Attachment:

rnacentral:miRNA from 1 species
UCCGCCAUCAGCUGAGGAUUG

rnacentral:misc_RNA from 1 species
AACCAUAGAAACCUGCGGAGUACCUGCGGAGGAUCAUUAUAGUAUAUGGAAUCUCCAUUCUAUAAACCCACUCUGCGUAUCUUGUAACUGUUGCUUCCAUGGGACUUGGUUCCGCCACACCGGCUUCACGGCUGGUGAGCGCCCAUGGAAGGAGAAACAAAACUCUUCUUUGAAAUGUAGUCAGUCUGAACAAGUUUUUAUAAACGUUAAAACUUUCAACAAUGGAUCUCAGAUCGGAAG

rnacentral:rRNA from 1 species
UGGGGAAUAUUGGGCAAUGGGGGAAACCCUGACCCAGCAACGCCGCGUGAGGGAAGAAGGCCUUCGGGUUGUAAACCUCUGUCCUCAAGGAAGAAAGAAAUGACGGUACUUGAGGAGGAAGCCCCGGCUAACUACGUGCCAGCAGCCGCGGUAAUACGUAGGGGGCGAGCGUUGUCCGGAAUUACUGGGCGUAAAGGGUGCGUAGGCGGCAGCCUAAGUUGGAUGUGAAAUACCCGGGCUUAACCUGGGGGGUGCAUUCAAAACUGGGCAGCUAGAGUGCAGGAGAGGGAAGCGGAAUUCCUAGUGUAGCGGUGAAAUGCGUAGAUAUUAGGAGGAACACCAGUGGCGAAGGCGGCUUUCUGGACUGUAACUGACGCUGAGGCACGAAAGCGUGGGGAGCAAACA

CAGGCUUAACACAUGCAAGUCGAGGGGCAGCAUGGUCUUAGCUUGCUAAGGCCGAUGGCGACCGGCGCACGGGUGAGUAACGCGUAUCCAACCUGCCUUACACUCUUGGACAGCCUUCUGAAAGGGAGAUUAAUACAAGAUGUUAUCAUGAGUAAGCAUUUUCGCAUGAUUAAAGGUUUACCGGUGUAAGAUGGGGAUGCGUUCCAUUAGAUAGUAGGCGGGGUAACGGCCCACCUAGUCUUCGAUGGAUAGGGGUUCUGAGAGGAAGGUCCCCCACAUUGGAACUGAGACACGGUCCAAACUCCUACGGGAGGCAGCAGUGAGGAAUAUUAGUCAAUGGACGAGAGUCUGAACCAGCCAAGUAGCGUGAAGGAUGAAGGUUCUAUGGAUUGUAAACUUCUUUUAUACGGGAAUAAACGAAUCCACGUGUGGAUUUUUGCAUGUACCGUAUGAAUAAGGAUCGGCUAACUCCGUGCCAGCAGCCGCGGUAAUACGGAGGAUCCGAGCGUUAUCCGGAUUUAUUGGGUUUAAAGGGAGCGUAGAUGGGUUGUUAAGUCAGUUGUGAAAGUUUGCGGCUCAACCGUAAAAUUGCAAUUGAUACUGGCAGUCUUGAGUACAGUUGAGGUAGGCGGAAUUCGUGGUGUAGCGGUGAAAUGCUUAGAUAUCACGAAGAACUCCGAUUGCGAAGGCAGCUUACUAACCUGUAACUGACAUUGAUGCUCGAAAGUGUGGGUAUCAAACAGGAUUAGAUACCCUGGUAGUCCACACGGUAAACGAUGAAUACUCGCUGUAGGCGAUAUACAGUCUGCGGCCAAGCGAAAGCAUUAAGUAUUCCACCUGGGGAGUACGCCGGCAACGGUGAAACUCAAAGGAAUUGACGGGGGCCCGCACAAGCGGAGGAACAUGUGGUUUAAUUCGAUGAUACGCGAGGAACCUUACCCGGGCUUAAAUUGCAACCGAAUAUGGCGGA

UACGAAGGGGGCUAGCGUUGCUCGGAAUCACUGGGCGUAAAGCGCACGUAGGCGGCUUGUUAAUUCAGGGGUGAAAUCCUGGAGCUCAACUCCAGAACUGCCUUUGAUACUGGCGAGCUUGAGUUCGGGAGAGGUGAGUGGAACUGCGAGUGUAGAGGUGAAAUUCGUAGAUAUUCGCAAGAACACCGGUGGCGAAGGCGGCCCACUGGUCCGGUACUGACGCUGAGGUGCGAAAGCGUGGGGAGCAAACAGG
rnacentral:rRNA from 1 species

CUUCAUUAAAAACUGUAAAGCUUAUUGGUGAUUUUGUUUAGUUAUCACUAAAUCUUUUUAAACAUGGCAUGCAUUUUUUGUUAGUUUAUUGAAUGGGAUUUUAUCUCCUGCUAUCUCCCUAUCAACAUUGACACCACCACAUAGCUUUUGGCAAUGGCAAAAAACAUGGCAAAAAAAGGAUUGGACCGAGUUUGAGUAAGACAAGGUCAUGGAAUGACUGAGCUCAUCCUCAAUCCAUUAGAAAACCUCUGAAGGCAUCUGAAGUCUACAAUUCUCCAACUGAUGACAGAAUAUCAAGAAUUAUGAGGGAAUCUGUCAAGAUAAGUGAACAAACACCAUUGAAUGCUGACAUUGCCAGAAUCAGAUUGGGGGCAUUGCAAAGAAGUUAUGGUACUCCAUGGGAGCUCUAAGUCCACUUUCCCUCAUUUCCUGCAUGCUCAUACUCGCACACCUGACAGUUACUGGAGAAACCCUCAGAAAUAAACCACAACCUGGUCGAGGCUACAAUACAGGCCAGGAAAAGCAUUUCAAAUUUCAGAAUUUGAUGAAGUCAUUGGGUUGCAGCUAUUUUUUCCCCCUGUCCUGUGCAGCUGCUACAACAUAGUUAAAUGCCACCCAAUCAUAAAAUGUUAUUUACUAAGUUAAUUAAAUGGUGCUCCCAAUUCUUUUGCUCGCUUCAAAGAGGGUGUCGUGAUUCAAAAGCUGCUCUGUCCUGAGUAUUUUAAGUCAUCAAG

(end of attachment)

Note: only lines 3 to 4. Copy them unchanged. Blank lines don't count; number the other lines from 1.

rnacentral:misc_RNA from 1 species
AACCAUAGAAACCUGCGGAGUACCUGCGGAGGAUCAUUAUAGUAUAUGGAAUCUCCAUUCUAUAAACCCACUCUGCGUAUCUUGUAACUGUUGCUUCCAUGGGACUUGGUUCCGCCACACCGGCUUCACGGCUGGUGAGCGCCCAUGGAAGGAGAAACAAAACUCUUCUUUGAAAUGUAGUCAGUCUGAACAAGUUUUUAUAAACGUUAAAACUUUCAACAAUGGAUCUCAGAUCGGAAG